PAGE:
BikeCatWide

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Located at 2519 Nolensville Pike. The murals face the alley in back, which can be accessed from Grandview Avenue. There is a fair amount of parking.

I see purple

BDonahueForrestPurple

Back when I blogged about the Mermaid House, the former owner contacted me. She let me know that there were more murals around back. Like the mermaid in front, this mural is the work of Brandon Donahue, who, like myself, is a professor at Tennesee State University. There is also something of a surprise here. For the most part, graffiti taggers are respectful of murals, but not this time. The style of the tag is one I’ve seen around East Nashville. “Editing” is always a possibility with outdoor art. The back fence of the yard of the house next door also has a colorful mural. (See the slideshow below.) It’s not signed and does not appear on Donahue’s website, so I’m not sure who made it. One notable detail on this second mural is the small “Hunter’s” sign. Hunter’s was an auto body shop that had extravagant signage a couple blocks from these houses, signage lost in the site’s recent renovation (though not completely – it does appear some of it is being saved).

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Located in the alley behind at 1205 and 1203 Forrest Ave. Street parking is available. These are private homes, so be respectful.

Beautiful Decay

BeautifulDecay

This mural manages to be both very large and yet somewhat hidden as well, located as it in an alleyway behind the Downtown Presbyterian Church. Part of the Nashville Walls Project, this mural, called “Beautiful Decay,” is by the Berlin-based American artist Tavar Zawacki. Zawacki started his career as an anonymous graffiti artist using the handle “ABOVE.” In time, he made use of an “above arrow” as his signature. Now that he has come out of the shadows, arrows are still a motif in his work. You can read his description of this mural on his website, and the Nashville Walls Project has a nice photo spread showing the creation of the mural. The trompe l’oeil lends itself to some obvious picture ideas.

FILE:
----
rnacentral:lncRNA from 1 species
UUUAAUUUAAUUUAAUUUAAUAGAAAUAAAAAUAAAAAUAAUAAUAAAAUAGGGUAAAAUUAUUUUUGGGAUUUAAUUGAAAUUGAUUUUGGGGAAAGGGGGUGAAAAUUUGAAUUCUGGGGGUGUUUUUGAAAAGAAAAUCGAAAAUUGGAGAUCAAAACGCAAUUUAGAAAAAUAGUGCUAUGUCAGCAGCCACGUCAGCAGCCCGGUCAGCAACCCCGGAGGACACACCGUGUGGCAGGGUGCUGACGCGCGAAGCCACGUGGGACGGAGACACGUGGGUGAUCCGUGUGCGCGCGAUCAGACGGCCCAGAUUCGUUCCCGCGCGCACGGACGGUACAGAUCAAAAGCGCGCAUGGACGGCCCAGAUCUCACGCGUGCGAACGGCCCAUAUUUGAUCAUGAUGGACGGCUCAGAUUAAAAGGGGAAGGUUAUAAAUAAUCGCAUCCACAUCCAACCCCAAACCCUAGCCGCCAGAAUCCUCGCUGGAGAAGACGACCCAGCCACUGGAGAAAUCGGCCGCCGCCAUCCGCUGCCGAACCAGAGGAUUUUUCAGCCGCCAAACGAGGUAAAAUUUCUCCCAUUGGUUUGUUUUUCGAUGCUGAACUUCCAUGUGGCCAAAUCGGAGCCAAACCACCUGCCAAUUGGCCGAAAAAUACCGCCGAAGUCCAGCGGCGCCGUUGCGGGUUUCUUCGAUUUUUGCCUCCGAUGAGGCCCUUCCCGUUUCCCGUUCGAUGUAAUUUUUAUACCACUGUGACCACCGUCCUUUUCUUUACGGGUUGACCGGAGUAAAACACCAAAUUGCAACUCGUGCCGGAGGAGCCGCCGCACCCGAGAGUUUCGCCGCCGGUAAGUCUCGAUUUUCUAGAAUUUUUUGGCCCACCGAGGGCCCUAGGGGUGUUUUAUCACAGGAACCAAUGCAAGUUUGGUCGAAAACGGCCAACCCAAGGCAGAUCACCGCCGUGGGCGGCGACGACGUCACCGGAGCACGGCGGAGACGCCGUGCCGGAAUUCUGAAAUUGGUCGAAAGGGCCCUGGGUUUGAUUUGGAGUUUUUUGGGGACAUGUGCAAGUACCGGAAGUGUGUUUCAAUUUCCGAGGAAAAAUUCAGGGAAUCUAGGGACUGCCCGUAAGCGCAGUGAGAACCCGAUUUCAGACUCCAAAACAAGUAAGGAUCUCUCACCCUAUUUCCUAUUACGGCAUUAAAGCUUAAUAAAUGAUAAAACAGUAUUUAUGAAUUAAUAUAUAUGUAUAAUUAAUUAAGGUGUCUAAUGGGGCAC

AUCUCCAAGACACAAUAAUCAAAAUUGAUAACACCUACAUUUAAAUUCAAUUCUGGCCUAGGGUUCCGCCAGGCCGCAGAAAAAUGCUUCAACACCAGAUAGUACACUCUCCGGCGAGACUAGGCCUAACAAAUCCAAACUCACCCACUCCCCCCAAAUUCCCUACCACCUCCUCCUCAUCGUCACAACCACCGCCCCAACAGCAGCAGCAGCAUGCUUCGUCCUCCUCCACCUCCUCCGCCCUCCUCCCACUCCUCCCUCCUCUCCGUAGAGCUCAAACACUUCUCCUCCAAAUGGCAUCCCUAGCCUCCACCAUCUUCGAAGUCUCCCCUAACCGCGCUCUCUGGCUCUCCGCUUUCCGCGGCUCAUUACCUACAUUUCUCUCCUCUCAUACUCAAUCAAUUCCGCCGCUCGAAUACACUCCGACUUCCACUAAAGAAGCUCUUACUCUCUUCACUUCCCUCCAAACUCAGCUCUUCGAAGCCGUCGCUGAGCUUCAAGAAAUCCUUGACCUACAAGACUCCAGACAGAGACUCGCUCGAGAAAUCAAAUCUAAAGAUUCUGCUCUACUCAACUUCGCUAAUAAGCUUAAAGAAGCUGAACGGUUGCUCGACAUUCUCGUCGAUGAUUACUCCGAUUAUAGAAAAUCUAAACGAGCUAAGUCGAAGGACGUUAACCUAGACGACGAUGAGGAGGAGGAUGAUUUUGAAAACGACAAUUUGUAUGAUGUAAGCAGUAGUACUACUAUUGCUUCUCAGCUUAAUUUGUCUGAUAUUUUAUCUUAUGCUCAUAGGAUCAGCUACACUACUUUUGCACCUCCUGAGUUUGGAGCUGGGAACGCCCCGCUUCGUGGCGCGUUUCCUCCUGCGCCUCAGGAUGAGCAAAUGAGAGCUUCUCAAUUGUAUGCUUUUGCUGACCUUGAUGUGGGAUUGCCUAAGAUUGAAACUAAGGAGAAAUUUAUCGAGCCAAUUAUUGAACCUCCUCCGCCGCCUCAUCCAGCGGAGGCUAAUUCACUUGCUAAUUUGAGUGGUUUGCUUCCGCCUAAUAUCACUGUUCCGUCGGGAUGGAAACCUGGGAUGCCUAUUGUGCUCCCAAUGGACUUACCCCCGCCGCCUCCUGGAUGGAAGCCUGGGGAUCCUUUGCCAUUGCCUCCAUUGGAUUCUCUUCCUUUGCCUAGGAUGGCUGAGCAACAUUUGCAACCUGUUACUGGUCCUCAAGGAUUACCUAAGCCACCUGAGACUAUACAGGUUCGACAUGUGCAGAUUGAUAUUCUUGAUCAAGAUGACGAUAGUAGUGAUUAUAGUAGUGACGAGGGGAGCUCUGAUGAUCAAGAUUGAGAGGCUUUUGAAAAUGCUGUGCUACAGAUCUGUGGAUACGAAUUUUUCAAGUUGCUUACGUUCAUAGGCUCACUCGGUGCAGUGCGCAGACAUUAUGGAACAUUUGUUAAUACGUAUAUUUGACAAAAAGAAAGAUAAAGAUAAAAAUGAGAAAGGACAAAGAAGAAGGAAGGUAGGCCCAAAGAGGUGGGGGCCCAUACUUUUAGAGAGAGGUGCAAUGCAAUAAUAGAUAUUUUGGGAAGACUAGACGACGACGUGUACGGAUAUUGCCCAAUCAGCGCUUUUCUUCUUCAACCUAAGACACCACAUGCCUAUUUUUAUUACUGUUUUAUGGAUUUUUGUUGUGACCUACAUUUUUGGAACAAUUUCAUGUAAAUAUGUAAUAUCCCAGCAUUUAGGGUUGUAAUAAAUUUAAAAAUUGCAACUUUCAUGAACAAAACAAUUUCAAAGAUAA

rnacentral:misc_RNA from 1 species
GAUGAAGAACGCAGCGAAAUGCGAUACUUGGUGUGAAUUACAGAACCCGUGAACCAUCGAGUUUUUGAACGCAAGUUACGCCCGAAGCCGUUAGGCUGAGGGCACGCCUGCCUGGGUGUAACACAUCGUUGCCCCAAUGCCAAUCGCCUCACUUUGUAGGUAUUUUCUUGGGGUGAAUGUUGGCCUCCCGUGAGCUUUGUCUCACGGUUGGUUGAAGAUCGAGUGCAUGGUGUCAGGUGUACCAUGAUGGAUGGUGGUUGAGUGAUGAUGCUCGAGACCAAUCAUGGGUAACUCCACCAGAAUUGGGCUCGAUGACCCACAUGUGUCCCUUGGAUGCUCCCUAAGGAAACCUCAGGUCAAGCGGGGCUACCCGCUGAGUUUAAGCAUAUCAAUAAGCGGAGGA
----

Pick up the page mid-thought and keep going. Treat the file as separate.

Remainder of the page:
Located at 144 5th Avenue North. That’s the address of the parking garage it’s painted on. The church it’s behind is at 154 5th Avenue North, at the corner with Church Street. This is downtown – plenty of parking, almost none of it free.

Angels and monsters

PresbyFull

The mural that graces the parking lot of the Downtown Presbyterian Church is difficult to photograph, as it faces a narrow lot and there are usually cars parked in front of it. Turns out, Sunday evening on Labor Day weekend is the time to get a clean shot. The work, done in 2007, is by four artists. The giant angel and the billy goat are by John Grider, the long-legged beasts are by Isaac Arvold, the colorful mountain by Drew Peterson, and the geometric “clouds” are by Eric Inkala. The mural indicates that it was made possible by the church and by Twist Art Gallery, which closed a few years ago. Grider has done both the goat and the angel in other places. There are other murals close by, including one that faces this same parking lot I haven’t featured yet.

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Located at 154 5th Ave North. That’s the address of the church. The mural is actually on the side of 415 Church Street. The parking lot is best accessed from the alley that parallels Church Street behind the Presbyterian Church. This is downtown, so lots of parking, virtually none of it free.

Hidden lands

A&ITower